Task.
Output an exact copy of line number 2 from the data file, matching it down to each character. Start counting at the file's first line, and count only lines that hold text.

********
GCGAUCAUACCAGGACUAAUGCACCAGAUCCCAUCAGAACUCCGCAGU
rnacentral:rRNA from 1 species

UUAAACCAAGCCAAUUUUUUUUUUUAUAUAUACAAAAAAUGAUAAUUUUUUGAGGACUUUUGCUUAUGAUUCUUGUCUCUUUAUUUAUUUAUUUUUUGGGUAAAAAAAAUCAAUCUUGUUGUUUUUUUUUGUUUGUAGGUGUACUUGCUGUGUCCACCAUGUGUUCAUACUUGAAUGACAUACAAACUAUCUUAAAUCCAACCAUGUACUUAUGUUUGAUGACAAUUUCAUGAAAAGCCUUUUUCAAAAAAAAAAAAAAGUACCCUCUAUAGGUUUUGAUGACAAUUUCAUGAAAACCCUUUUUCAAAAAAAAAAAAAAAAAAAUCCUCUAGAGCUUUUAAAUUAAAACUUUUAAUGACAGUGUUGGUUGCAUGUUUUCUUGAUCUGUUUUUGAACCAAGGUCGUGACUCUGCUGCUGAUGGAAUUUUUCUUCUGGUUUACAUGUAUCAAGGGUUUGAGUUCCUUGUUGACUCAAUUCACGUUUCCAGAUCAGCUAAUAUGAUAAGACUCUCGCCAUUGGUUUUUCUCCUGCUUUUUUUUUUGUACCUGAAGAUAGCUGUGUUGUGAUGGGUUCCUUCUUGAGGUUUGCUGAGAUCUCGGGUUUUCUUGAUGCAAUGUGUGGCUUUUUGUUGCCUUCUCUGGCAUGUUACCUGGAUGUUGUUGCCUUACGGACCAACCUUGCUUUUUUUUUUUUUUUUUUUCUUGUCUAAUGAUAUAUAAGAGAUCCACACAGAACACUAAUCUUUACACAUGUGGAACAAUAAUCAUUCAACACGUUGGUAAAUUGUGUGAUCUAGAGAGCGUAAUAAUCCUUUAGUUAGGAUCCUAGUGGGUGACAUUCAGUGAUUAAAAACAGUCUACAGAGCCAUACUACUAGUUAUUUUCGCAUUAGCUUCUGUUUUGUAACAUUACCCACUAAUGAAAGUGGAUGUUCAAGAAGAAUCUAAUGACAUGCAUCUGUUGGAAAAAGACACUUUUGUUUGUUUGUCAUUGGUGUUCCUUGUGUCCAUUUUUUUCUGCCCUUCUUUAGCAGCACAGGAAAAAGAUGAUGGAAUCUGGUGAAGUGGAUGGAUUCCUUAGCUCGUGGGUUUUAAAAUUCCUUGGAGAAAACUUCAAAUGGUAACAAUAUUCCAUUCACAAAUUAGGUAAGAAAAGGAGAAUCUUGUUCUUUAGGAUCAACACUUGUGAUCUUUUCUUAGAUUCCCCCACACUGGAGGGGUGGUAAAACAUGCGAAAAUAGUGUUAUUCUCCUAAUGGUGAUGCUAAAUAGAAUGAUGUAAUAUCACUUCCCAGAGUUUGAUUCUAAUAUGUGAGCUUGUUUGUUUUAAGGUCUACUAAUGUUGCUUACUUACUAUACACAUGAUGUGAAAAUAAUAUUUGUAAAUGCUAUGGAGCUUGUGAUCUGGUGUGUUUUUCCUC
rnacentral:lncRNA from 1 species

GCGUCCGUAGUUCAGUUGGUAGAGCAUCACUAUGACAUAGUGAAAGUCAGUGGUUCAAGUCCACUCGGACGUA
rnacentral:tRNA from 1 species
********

rnacentral:rRNA from 1 species